‘Fast and Furious’ Update

by Robert VerBruggen

At long last, we may have some answers about “Fast and Furious,” the Bureau of Alcohol, Tobacco, Firearms, and Explosives’ sting operation gone horribly wrong.

In Fast and Furious, the ATF encouraged gun stores along the Mexican border to sell weapons to suspected drug-cartel traffickers. The point was to see where the guns ended up and bring down the cartels; in reality, the main result was the death of a Border Patrol agent at the hands of a trafficker wielding one of the guns.

A House panel just released a preliminary report on the scandal, and here are some findings as explained by Fox News:

— Agents expected to interdict weapons, yet were told to stand down and “just surveil.” Agents therefore did not act. They watched straw purchasers buy hundreds of weapons illegally and transfer those weapons to unknown third parties and stash houses.

— ATF agents complained about the strategy of allowing guns to walk in Operation Fast and Furious. Leadership ignored their concerns. Instead, supervisors told the agents to “get with the program” because senior ATF officials had sanctioned the operation.

— Agents knew that given the large numbers of weapons being trafficked to Mexico, tragic results were a near certainty.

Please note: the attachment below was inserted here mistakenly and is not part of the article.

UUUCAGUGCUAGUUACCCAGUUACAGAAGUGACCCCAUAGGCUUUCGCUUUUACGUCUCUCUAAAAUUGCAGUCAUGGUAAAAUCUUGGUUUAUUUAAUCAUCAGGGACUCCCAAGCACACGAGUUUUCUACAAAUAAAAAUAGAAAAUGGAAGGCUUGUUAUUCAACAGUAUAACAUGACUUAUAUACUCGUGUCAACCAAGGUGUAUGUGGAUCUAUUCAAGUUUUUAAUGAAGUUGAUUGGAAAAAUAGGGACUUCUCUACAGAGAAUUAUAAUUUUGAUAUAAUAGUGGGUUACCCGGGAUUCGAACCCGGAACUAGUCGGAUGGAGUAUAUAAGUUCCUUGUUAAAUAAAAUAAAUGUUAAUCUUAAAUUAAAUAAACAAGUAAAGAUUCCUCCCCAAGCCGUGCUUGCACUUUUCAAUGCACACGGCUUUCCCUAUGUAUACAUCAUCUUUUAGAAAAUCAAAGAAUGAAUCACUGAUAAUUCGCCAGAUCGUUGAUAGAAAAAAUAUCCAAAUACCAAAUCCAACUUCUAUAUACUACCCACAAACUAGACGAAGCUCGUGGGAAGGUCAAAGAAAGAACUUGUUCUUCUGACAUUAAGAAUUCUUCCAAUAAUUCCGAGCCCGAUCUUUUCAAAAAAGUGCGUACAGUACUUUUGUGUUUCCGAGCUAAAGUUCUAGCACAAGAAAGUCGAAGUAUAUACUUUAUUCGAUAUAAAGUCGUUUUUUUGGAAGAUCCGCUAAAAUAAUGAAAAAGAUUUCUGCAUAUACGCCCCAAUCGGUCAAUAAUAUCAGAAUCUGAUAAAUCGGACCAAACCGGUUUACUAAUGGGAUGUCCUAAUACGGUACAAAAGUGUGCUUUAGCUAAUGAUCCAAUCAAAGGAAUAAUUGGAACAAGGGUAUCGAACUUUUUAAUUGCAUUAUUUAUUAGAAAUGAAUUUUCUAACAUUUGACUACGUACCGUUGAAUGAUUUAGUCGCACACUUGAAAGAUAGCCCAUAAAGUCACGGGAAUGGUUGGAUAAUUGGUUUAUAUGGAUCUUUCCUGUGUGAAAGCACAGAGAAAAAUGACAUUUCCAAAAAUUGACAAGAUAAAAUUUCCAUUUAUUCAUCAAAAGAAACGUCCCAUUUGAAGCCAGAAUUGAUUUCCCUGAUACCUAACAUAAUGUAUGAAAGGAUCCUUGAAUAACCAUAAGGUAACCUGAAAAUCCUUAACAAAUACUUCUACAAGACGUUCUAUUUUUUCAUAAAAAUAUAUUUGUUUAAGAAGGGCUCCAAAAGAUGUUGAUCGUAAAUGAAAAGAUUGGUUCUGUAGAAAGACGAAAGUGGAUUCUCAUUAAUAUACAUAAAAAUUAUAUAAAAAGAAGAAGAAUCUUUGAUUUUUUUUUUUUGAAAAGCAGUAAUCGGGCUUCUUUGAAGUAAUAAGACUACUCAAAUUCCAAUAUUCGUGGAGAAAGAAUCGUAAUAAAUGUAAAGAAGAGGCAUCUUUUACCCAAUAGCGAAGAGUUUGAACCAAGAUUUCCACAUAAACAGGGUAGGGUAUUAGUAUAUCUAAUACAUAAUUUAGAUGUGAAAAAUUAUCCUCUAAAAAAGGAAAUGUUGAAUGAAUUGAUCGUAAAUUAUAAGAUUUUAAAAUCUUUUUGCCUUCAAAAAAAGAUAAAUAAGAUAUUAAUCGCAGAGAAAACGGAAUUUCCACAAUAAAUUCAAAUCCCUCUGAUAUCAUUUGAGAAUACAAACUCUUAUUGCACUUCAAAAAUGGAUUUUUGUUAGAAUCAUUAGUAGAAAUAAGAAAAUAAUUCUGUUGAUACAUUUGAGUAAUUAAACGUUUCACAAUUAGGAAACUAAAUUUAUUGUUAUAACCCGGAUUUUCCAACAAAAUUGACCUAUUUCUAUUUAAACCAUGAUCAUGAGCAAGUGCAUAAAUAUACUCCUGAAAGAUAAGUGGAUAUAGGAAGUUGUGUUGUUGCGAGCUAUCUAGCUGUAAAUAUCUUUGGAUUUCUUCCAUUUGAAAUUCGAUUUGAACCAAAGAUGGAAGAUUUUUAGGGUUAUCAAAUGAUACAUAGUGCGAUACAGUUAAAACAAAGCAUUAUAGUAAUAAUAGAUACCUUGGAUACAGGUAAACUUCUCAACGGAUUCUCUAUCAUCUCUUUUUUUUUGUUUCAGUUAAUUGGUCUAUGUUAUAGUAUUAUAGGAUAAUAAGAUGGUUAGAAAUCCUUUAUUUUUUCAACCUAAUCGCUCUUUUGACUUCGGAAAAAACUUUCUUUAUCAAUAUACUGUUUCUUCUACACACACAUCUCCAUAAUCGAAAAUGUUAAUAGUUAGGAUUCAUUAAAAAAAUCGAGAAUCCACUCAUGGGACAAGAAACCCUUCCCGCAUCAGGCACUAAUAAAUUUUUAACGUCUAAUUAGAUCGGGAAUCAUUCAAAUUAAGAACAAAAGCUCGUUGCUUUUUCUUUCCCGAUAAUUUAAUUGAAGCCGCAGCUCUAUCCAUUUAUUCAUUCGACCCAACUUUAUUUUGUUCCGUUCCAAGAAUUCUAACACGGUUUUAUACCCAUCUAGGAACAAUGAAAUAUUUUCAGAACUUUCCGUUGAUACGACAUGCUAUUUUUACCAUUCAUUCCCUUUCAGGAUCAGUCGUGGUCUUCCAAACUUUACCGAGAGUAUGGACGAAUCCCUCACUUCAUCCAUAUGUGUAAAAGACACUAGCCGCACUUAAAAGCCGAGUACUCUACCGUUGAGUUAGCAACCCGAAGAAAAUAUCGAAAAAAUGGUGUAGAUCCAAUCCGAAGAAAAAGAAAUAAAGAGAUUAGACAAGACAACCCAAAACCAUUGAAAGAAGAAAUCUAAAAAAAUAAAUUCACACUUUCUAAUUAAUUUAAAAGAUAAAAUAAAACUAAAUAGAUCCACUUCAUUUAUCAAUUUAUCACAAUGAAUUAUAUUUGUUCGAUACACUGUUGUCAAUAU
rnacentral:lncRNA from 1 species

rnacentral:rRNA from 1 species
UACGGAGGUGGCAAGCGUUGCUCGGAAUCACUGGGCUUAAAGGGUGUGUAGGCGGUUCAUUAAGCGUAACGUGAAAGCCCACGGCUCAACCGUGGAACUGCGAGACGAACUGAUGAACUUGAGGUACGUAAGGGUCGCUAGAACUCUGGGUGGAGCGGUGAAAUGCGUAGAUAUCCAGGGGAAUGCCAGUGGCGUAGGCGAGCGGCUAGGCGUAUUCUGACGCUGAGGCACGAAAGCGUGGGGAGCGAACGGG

— Operation Fast and Furious contributed to the increasing violence and deaths in Mexico. This result was regarded with giddy optimism by ATF supervisors hoping that guns recovered at crime scenes in Mexico would provide the nexus to straw purchasers in Phoenix.

That last finding is sure to anger Mexico, which has so far been muted in its criticism. In a March 2010 memo, ATF says it allowed gun smugglers to buy 359 guns while 958 people died in Mexico the same month. Internally, the agency was “trumpeting up the violence that was occurring as a result of an ATF sanctioned program.”

. . .

The report concludes the operation itself was a failure, saying after 18 months of investigative work, Fast and Furious resulted only in indictments of 20 straw purchasers, buyers who were known before the operation even began.

You can download a PDF of the entire report here.

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